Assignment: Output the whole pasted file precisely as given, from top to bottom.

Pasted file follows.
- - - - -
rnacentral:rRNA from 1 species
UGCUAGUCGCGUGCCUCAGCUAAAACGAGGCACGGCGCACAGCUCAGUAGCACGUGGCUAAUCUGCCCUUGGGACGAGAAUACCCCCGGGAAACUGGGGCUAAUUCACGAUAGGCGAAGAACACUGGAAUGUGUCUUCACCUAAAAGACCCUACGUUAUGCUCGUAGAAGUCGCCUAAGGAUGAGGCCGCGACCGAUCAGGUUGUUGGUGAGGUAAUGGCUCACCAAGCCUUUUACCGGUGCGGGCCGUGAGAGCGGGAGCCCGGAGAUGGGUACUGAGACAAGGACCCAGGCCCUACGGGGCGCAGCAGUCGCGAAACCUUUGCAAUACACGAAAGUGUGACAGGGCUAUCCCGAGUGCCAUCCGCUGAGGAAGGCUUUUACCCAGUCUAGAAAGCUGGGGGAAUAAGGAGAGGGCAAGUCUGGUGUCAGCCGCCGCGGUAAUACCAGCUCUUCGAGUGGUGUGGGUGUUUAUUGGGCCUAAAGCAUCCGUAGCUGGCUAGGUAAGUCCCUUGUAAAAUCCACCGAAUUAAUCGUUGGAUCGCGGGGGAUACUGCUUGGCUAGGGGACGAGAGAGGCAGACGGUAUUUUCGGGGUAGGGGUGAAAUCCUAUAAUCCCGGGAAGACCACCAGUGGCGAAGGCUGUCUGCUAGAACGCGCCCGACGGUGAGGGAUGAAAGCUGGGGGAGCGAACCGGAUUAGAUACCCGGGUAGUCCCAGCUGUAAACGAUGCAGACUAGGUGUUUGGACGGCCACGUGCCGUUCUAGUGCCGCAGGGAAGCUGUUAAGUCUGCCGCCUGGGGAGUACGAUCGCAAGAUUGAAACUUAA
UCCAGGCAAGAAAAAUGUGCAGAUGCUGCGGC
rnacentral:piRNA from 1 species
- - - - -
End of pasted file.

rnacentral:rRNA from 1 species
UGCUAGUCGCGUGCCUCAGCUAAAACGAGGCACGGCGCACAGCUCAGUAGCACGUGGCUAAUCUGCCCUUGGGACGAGAAUACCCCCGGGAAACUGGGGCUAAUUCACGAUAGGCGAAGAACACUGGAAUGUGUCUUCACCUAAAAGACCCUACGUUAUGCUCGUAGAAGUCGCCUAAGGAUGAGGCCGCGACCGAUCAGGUUGUUGGUGAGGUAAUGGCUCACCAAGCCUUUUACCGGUGCGGGCCGUGAGAGCGGGAGCCCGGAGAUGGGUACUGAGACAAGGACCCAGGCCCUACGGGGCGCAGCAGUCGCGAAACCUUUGCAAUACACGAAAGUGUGACAGGGCUAUCCCGAGUGCCAUCCGCUGAGGAAGGCUUUUACCCAGUCUAGAAAGCUGGGGGAAUAAGGAGAGGGCAAGUCUGGUGUCAGCCGCCGCGGUAAUACCAGCUCUUCGAGUGGUGUGGGUGUUUAUUGGGCCUAAAGCAUCCGUAGCUGGCUAGGUAAGUCCCUUGUAAAAUCCACCGAAUUAAUCGUUGGAUCGCGGGGGAUACUGCUUGGCUAGGGGACGAGAGAGGCAGACGGUAUUUUCGGGGUAGGGGUGAAAUCCUAUAAUCCCGGGAAGACCACCAGUGGCGAAGGCUGUCUGCUAGAACGCGCCCGACGGUGAGGGAUGAAAGCUGGGGGAGCGAACCGGAUUAGAUACCCGGGUAGUCCCAGCUGUAAACGAUGCAGACUAGGUGUUUGGACGGCCACGUGCCGUUCUAGUGCCGCAGGGAAGCUGUUAAGUCUGCCGCCUGGGGAGUACGAUCGCAAGAUUGAAACUUAA
UCCAGGCAAGAAAAAUGUGCAGAUGCUGCGGC
rnacentral:piRNA from 1 species